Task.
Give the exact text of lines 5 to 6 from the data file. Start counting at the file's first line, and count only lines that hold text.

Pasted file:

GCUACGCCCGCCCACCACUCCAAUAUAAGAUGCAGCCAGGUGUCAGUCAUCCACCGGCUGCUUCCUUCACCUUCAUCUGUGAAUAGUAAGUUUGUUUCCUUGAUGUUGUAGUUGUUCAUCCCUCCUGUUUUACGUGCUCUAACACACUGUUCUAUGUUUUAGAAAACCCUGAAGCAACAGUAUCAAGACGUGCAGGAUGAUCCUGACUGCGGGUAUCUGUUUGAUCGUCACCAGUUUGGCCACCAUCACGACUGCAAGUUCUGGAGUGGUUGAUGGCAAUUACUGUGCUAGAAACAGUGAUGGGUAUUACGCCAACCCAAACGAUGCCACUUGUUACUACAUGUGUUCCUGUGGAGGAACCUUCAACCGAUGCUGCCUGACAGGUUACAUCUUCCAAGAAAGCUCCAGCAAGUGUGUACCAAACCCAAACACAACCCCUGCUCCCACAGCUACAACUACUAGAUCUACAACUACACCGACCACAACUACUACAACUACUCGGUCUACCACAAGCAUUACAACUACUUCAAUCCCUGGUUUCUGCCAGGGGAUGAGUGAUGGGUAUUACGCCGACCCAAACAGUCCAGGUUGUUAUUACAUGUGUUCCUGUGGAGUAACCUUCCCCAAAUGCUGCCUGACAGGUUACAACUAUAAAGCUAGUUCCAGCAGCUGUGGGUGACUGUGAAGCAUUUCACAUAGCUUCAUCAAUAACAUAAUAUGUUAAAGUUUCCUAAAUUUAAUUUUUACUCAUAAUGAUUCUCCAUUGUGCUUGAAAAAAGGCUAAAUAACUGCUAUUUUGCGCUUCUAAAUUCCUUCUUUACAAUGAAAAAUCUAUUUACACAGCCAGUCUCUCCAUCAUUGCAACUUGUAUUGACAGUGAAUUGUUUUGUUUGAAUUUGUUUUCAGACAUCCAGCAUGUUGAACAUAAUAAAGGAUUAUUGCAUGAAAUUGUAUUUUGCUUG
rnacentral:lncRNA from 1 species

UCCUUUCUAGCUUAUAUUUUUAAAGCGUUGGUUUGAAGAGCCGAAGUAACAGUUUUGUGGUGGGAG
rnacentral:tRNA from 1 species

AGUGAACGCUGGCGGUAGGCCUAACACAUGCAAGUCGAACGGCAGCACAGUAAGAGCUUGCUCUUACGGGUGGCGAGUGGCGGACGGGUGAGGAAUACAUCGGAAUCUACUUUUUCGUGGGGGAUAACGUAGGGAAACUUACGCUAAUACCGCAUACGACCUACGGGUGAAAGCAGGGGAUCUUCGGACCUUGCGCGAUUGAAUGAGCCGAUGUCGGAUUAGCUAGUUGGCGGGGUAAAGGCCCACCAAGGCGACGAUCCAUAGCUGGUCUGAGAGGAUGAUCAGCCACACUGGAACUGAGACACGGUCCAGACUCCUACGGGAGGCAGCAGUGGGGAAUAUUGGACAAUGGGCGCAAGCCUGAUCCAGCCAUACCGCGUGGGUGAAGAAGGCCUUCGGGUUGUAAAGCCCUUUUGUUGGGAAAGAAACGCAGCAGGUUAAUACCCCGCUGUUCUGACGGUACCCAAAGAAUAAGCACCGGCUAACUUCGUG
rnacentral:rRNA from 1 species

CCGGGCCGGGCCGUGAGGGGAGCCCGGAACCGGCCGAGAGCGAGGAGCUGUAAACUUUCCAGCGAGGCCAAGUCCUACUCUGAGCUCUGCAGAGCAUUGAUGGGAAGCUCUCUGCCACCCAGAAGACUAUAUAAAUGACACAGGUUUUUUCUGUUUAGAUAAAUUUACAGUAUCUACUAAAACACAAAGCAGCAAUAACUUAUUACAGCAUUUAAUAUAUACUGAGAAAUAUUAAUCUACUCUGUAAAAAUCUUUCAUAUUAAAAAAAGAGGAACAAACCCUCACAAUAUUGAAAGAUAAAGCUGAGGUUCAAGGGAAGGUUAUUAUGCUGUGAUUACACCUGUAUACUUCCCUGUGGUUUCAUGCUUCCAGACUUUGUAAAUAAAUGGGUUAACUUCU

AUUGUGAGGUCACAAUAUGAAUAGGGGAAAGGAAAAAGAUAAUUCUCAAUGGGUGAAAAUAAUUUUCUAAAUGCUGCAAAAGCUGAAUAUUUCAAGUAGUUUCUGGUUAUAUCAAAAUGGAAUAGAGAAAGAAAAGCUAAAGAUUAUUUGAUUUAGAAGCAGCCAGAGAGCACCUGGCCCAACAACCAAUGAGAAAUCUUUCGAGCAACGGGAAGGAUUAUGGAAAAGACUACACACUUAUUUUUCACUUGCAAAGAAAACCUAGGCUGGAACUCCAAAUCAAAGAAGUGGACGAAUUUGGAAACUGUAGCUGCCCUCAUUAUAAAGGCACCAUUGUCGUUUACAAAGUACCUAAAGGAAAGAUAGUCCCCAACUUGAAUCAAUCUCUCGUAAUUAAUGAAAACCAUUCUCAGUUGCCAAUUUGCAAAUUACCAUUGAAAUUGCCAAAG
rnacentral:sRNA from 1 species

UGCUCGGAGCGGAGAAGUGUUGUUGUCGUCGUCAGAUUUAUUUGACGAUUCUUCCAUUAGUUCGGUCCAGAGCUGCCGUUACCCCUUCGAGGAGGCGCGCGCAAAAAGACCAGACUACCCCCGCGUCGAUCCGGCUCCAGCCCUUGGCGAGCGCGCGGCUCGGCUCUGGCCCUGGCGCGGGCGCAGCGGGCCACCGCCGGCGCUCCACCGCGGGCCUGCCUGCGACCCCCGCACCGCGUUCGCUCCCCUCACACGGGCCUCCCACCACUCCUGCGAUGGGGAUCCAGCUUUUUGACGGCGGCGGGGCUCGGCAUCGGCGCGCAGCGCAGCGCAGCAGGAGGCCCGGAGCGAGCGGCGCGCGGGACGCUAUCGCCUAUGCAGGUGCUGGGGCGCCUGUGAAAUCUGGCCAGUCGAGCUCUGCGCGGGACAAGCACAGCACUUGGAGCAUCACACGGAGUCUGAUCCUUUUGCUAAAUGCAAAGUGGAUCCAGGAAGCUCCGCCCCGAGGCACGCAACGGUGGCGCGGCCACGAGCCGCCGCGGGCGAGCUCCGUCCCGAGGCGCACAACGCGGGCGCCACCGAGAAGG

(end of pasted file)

AGUGAACGCUGGCGGUAGGCCUAACACAUGCAAGUCGAACGGCAGCACAGUAAGAGCUUGCUCUUACGGGUGGCGAGUGGCGGACGGGUGAGGAAUACAUCGGAAUCUACUUUUUCGUGGGGGAUAACGUAGGGAAACUUACGCUAAUACCGCAUACGACCUACGGGUGAAAGCAGGGGAUCUUCGGACCUUGCGCGAUUGAAUGAGCCGAUGUCGGAUUAGCUAGUUGGCGGGGUAAAGGCCCACCAAGGCGACGAUCCAUAGCUGGUCUGAGAGGAUGAUCAGCCACACUGGAACUGAGACACGGUCCAGACUCCUACGGGAGGCAGCAGUGGGGAAUAUUGGACAAUGGGCGCAAGCCUGAUCCAGCCAUACCGCGUGGGUGAAGAAGGCCUUCGGGUUGUAAAGCCCUUUUGUUGGGAAAGAAACGCAGCAGGUUAAUACCCCGCUGUUCUGACGGUACCCAAAGAAUAAGCACCGGCUAACUUCGUG
rnacentral:rRNA from 1 species